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Canada soccer body issues sanctions for Quebec's turban ban

Quebec Soccer Federation says ban on turbans, patkas, keskis will remain

Posted: Jun 12, 2013 10:47 AM ET

Last Updated: Jun 12, 2013 11:06 AM ET

The Canadian Soccer Association listed Wednesday the conditions of its indefinite suspension of the Quebec Soccer Federation over the provincial body's decision to ban players from wearing turbans, patkas and keskis on the field.

The ban, which severs ties with the provincial group until it reverses its turban ruling, prohibits the federation from competing against other provinces and in national competitions.

The suspension also:

The Canadian Soccer Association suspended the provincial body on Monday after it showed no sign of overturning its decision to prohibit Sikh religious headwear on the pitch.

Quebec cites safety concerns

The QFS said Wednesday it is maintaining its ban while hoping to hammer out a compromise on the controversial issue.

Quebec federation officials issued a short statement Wednesday saying the controversial ban remains in effect for the time being, but that they will do everything it can to re-establish dialogue with the CSA.

Earlier this month, the provincial body decided to uphold the ban despite a CSA directive in April that called for provincial associations to extend an existing rule that allows Islamic hijabs for girls.

Quebec is the only province that has balked at the directive and says it wants soccer's governing body, the Federation Internationale de Football Association (FIFA), to issue a ruling on turbans.

The Quebec federation has said it made its decision with player safety in mind, although it has no evidence that shows turbans pose a risk.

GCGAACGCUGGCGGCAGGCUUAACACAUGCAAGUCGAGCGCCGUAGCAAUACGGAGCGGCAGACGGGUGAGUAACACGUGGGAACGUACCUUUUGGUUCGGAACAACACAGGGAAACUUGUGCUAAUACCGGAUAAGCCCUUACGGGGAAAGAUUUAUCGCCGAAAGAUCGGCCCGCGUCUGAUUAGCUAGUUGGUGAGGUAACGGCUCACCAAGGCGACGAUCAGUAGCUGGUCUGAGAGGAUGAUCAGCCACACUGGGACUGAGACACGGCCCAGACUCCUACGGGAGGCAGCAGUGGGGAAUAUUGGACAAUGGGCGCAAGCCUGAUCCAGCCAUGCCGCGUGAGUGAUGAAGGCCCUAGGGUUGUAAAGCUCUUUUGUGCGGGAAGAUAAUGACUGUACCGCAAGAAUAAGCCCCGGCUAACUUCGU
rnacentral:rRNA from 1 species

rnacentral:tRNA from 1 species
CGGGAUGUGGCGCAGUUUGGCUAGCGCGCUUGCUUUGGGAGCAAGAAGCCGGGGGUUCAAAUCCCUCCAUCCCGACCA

Quebec referees began cracking down in the last year on turbans, patkas and keskis — the religious headgear worn by Sikh men and boys.

A provincial soccer official suggested that kids who wear the banned items can "play in their backyard. But not with official referees, not in the official rules of soccer."

The Sikh community says the ban means 100 to 200 children must either ditch a religious requirement or quit playing organized soccer.

Quebec premier stands by ban

Quebec Premier Pauline Marois said this week that it's unacceptable for the Canadian body to suspend the provincial organization.

The province's sports minister, Marie Malavoy, repeated that line on Wednesday, saying the government supports the provincial federation's ability to do what it thinks is right.

Malavoy said the neither the government nor any of its arm's-length bodies were involved in the soccer federation's operations.

The Quebec federation said Wednesday it wouldn't grant any interviews.

"To give every possible opportunity for discussion, we do not wish to comment further on the situation, whether in the media or in public," the statement said.

"We hope for the fastest possible resolution to this impasse."

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With files from CBC News

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